- Kuwait Times Extra
It is no secret that Kuwait has very little arable lands, let alone sufficient natural fresh water to develop farming at commercial levels. The little farms we have in the country at best contribute to our food diversity, and are not nearly sufficient to cover the local demand of the inhabitants of Kuwait. With the constant danger looming from the Iranian conflict which is predicted at best to create potential disturbances in the Arabian Gulf’s shipping lanessource for all of our foodstuff and other needs – we ought to start finding ways and means to reduce our reliance on imported food.
Officially, the government has silos with enough food to last months. Nevertheless, more strategic undertakings need to be envisioned to help supplement the food structure and offering in Kuwait over the long haul. Though the climate is not kind to us most of the year, with many trials and errors, various projects were undertaken to assess the plants that are most likely to survive in our harsh environment. It is not a far stretch to start thinking outside of the box, to seek novel means to address the national food shortage issue.
One of such means that has been slowly growing in importance in many cities across the world is the integration of vegetation within the urban landscape. Urban farms provide food, activities for the locals to immerse themselves with the products we as human consume and create micro-food silos that come handy in times of trouble. With the billions of daily gallons of water produced for homes and industry in Kuwait we should find means of putting this water once treated to good use.
Water and plants are highly prized in desert environment for their rarity, now that some of our cities are starting to mature, once basic services are established, life enhancing activities need to be developed in our various areas throughout Kuwait to add value to our cities.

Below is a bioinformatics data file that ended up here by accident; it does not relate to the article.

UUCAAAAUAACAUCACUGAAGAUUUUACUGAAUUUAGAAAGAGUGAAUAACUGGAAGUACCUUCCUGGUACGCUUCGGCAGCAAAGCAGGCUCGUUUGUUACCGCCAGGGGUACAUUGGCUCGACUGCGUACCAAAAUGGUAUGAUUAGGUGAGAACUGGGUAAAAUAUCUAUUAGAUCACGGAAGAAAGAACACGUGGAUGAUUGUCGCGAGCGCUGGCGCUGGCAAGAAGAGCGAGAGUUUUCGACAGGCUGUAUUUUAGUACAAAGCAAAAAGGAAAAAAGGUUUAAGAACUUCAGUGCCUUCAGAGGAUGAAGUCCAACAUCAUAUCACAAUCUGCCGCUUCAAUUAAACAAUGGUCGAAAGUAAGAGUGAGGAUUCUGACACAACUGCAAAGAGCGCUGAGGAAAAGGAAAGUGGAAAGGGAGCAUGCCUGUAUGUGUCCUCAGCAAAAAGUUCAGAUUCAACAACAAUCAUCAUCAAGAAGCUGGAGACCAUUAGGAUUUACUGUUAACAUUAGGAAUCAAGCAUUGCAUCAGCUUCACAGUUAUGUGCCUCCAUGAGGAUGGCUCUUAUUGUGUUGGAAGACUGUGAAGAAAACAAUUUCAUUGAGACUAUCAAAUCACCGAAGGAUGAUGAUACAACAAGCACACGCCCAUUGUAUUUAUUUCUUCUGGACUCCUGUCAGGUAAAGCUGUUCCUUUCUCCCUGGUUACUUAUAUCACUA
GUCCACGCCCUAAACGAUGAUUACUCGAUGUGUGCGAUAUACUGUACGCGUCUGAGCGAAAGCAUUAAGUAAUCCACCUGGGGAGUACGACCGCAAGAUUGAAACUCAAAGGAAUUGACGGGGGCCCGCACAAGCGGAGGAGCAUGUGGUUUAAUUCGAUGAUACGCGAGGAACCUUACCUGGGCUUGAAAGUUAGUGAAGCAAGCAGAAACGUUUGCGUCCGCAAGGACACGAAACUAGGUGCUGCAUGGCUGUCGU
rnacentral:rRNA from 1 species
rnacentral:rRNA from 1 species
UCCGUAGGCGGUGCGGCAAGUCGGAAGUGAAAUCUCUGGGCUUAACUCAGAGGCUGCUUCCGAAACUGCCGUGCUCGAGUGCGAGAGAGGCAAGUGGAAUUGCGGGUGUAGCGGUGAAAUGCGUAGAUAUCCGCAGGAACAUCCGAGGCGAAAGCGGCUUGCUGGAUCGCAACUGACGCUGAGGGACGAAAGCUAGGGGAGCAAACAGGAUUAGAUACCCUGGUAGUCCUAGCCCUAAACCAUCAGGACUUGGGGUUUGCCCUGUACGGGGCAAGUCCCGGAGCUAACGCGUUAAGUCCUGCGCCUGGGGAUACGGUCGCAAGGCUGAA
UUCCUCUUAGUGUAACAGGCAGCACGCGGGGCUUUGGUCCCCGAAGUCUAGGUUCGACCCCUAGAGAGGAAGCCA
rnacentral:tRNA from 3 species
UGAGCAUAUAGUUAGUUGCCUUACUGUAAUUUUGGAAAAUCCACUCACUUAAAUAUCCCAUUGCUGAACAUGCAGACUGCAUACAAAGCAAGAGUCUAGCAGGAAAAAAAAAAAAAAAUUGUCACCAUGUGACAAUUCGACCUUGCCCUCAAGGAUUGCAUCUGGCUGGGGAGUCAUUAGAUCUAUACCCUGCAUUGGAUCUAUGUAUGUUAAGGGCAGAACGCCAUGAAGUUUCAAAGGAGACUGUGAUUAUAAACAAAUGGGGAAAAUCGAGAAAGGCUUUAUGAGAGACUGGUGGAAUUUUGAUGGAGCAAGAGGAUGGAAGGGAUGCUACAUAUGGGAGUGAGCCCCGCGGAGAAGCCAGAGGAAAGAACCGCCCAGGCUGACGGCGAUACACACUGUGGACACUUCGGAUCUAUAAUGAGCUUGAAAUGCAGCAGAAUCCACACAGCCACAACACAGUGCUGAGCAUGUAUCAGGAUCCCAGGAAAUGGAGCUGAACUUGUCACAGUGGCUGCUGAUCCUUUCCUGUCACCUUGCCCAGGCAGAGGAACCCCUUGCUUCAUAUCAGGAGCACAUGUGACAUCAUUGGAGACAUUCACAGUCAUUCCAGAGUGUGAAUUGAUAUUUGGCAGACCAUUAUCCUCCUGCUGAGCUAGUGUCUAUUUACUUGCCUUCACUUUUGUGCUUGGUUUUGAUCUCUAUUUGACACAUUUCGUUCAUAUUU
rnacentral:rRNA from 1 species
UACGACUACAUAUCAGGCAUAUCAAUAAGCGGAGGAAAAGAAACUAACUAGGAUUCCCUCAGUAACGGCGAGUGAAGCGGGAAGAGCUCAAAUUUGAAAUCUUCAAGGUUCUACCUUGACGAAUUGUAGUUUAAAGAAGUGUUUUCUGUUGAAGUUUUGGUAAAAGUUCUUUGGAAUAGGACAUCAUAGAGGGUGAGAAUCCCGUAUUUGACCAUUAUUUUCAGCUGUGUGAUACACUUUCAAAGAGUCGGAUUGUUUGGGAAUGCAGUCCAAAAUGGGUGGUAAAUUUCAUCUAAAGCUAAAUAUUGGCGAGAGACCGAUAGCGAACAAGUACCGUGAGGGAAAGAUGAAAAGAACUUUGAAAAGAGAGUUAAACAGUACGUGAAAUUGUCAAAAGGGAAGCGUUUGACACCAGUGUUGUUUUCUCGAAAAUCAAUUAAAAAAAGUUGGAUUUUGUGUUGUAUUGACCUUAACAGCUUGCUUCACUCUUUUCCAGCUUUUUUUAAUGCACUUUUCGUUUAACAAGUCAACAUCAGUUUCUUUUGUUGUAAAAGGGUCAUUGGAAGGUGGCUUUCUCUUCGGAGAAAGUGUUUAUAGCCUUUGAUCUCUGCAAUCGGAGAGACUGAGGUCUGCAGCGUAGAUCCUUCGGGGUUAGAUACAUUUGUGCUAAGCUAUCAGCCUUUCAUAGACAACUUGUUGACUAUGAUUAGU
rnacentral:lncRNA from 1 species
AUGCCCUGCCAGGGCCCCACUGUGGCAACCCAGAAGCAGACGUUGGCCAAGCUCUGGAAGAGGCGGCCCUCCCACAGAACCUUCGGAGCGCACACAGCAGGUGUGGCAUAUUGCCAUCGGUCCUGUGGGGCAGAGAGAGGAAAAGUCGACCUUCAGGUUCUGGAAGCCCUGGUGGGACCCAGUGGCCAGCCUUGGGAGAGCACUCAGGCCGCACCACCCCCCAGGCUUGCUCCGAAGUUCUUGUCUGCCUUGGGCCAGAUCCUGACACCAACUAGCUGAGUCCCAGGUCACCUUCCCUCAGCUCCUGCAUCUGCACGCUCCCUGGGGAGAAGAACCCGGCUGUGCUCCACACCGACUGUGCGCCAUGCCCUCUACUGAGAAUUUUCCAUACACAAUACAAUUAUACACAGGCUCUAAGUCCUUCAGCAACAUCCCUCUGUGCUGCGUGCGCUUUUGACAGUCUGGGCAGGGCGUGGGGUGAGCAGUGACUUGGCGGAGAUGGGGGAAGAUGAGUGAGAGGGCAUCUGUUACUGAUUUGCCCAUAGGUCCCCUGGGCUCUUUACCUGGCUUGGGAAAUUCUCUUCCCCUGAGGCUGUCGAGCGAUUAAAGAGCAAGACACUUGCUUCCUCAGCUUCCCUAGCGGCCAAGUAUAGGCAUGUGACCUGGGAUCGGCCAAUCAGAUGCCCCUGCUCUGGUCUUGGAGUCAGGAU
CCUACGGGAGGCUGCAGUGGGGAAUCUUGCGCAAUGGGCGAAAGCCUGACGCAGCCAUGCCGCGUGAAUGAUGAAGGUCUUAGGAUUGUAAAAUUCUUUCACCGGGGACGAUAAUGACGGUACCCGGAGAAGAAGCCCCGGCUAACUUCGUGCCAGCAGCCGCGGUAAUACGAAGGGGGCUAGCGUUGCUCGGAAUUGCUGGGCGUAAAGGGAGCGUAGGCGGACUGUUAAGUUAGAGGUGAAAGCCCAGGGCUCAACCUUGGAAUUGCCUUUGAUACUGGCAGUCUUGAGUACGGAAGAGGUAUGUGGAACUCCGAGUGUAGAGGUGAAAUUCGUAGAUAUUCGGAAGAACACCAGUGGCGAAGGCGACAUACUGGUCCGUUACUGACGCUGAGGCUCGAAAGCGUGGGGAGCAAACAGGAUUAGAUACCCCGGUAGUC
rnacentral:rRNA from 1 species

One mean by which such added value could be achieved is through the development of micro-farms in urban settings between house and apartment complexes that would maximize land utility leading to more stable grounds that would combat desertification and creating mini-silos that could reduce the need to import foodstuff especially in times of national emergencies when the supply of such foodstuff could be compromised or delayed.
In a structured program that would come under an ‘edutainment’ agenda – education along with entertainment – the municipality would earmark various plots that would be transferred to the local coops who would then allocate them to desiring citizens and expatriates in a system that would ensure maximization of benefit.
The produce would then be sold back to the Coop’s and re-sold through their distribution system. The derived benefits are multiple, it would allow for the generation of small revenue for the hobby farmers.
It would allow the development of social activities around such venues while creating awareness about foodstuff to the wider population. Positively, it would enhance the greening of Kuwait all the long ensuring a conscious attempt at securing food supplies to the local market.
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